Stewart Blusson Quantum Matter Institute

Help build an institute with the power to revolutionize industries

The Stewart Blusson Quantum Matter Institute aims to launch a new paradigm of 3D printing at the atomic scale here at UBC. To do this research, a new, specialized laboratory is being built where researchers can advance quantum theory and the practical application of discovery through the development of new materials that harness quantum phenomena. Your support for the Quantum Matter Institute will help facilitate this ground-breaking work.

Quantum materials—such as the strongly correlated oxides or topologically important materials in which UBC is an internationally recognized leader—exhibit unique electronic and magnetic properties dependent not only on chemical composition, but also on their electronic structures and interactions. Molecular beam epitaxy (MBE), a technique currently used to manufacture semiconductors, has revolutionized the control of these materials in the vertical dimension, allowing custom stacking of individual atomic layers.

Our researchers are taking these advances further by integrating MBE with scanning probe lithography (SPL). For the first time, quantum structures can now be assembled in 3D, thanks to a new lateral control of electronic configurations and individual atoms by SPL that wasn’t possible with MBE alone.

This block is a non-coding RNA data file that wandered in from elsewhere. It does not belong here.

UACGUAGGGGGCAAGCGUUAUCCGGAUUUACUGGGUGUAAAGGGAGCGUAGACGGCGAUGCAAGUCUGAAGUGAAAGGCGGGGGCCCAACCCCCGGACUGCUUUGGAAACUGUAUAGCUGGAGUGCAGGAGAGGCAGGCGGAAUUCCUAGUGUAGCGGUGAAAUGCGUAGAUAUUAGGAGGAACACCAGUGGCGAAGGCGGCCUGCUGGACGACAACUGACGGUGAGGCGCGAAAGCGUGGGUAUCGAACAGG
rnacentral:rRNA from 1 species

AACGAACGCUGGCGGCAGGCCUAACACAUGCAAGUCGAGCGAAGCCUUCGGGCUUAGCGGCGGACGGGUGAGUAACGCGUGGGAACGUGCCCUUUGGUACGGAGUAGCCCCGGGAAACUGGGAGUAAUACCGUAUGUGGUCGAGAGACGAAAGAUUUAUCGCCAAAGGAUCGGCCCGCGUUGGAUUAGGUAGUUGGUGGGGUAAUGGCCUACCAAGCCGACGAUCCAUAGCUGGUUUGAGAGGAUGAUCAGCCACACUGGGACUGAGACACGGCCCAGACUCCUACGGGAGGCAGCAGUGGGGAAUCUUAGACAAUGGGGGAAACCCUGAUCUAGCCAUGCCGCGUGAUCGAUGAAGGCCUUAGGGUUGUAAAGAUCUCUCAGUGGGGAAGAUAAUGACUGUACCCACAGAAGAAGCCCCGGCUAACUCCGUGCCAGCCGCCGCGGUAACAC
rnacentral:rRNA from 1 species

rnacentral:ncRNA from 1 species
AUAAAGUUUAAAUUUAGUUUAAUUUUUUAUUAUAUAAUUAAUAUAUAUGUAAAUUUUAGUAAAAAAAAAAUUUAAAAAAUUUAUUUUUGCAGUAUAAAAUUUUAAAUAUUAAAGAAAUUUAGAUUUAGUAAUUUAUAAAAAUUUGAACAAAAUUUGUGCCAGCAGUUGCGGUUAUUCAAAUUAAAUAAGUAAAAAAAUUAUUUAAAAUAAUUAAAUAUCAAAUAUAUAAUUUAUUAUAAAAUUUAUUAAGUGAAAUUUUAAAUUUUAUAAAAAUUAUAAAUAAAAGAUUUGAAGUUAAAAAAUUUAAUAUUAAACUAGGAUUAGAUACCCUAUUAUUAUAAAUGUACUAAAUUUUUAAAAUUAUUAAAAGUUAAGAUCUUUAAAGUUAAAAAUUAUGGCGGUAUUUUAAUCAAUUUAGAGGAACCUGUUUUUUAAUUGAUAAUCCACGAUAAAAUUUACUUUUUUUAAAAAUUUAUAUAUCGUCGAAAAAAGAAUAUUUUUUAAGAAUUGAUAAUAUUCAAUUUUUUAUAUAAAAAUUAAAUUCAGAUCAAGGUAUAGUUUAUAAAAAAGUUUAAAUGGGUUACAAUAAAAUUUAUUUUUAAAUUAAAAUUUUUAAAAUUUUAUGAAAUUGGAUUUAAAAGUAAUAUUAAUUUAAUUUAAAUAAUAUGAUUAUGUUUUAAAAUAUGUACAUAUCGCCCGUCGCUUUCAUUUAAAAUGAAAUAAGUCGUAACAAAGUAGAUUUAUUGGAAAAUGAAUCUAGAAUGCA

Devices exploiting quantum heterostructures are widely expected to lead a technological revolution, with the potential to spawn entirely new industries in clean energy, electronics, communications, and medicine. Examples include incredibly fine wires for fast computing with charge or spin, extremely dense memory, ultra-precise metamaterials for shaping electromagnetic fields, and exquisitely sensitive magnetic detectors.

The Quantum Matter Institute

The Quantum Matter Institute will explore the full scope of quantum printing: materials synthesis, imaging, and fundamental theory; computational modeling to suggest desired atomic configurations; MBE and SPL; comprehensive spectroscopic, optical, and transport characterization; and eventual engineering of novel applications. 

To work with materials at an atomic scale, the laboratory environment must be free of electrical, seismic, and acoustic noise. UBC already has experience building one such lab, the Laboratory for Atomic Imaging Research. A new lab is needed to house the four particular instruments required to develop this research. Each instrument will be housed in an isolated pod, with multiple layers of acoustic isolation, and will rest on a massive, 100 tonne floating slab for vibration isolation. The design is similar to a set of Russian dolls: a room within a room within a room. Additional space, also isolated from the building, will house the electron microscopy needed by researchers working on materials at the nanoscale level.

Once the Quantum Matter Institute is completed, UBC’s existing expertise, coupled with the combined experience of QMI's researchers, will offer capabilities presently unmatched in the world. With this exceptional team, UBC will be at the forefront of an emerging technology. Your support of the Quantum Matter Institute will be the spark that helps ignite the quantum printing revolution.